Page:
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That has to be the most all-encompassing, super-inclusive headline ever written. Nobody need read the story now!!
George Cooper Well, I do try to encapsulate the key points in a headline, but this one certainly wasn't easy.
Crystal meth taking and manslaughter limit my ability to criticise the DC on this one!! Otherwise each to his or her own! I will try to moderate my critical comments regarding the present CVO in future as we clearly could have done worse!
Clearly there has to be sympathy for his victim and his family. Strange old world we live in.
Very lurid headline. Nothwithstanding the seriousness of what happened, can't see why his sexuality is relevant here.
Stuart Munro - Believe it or not, my headline actually understates how lurid the detail of the story was. I've spared VS members the worst of it. Those with a strong constitution can google it. Relevance of sexuality? No more or less so than if the story concerned a heterosexual act.
From what you have said I can assume therefore that if this was heterosexual, the headline would have read 'crystal meth sadomasochistic straight sex manslaughter vet struck off'.
I am writing on behalf of the British Veterinary LGBT+ group.
We have received several complaints though our group about your use of the word 'gay' in the articles headline.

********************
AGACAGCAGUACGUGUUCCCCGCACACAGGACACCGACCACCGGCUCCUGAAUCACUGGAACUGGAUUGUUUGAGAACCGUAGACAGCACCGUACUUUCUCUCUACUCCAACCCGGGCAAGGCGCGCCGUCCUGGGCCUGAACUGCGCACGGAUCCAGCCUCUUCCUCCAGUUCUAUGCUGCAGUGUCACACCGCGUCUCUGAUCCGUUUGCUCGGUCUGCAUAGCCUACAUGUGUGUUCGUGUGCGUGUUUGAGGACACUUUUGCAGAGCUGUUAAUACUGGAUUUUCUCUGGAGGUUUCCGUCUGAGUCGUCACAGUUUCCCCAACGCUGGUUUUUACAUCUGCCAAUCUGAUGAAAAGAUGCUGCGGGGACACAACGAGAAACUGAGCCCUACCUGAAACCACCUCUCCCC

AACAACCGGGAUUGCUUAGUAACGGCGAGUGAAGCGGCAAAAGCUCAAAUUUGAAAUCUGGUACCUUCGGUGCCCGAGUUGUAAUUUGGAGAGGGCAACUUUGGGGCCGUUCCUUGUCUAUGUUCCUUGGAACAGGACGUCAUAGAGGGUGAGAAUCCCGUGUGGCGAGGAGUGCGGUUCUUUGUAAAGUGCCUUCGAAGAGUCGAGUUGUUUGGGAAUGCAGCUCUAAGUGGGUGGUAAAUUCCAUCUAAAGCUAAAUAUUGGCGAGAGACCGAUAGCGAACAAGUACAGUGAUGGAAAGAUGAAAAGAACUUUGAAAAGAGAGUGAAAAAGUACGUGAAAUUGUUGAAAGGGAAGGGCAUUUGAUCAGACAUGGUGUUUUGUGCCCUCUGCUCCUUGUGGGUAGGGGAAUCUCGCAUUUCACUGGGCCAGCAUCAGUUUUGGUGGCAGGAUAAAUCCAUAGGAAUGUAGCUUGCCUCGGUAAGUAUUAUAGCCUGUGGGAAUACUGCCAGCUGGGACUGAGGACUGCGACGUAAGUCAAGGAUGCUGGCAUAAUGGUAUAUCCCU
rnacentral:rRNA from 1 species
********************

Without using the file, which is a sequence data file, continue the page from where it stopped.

I am sure that you did not mean to cause offence by this and we would like to take the opportunity to explain our reasoning.
We feel that the use of the word gay in the article's title is unnecessary and is damaging to the LGBT+ community. Reading through the article it is clear that the tragic and disturbing events described are between two people of the same sex. The sexuality of the person in question has no relevance to the content of the story and only adds sensationalism to something very severe and fortunately rare within our profession.
Including the word gay in the article's title causes offence by linking the actions of an individual to a community of people and has the potential to vilify LGBT+ individuals. If the person involved had been heterosexual then it would be strange to to use the word 'straight' in the title. The the major news outlets (BBC news, the Daily Mail, the Guardian and the RCVS article) covered this story without including the word gay in their titles.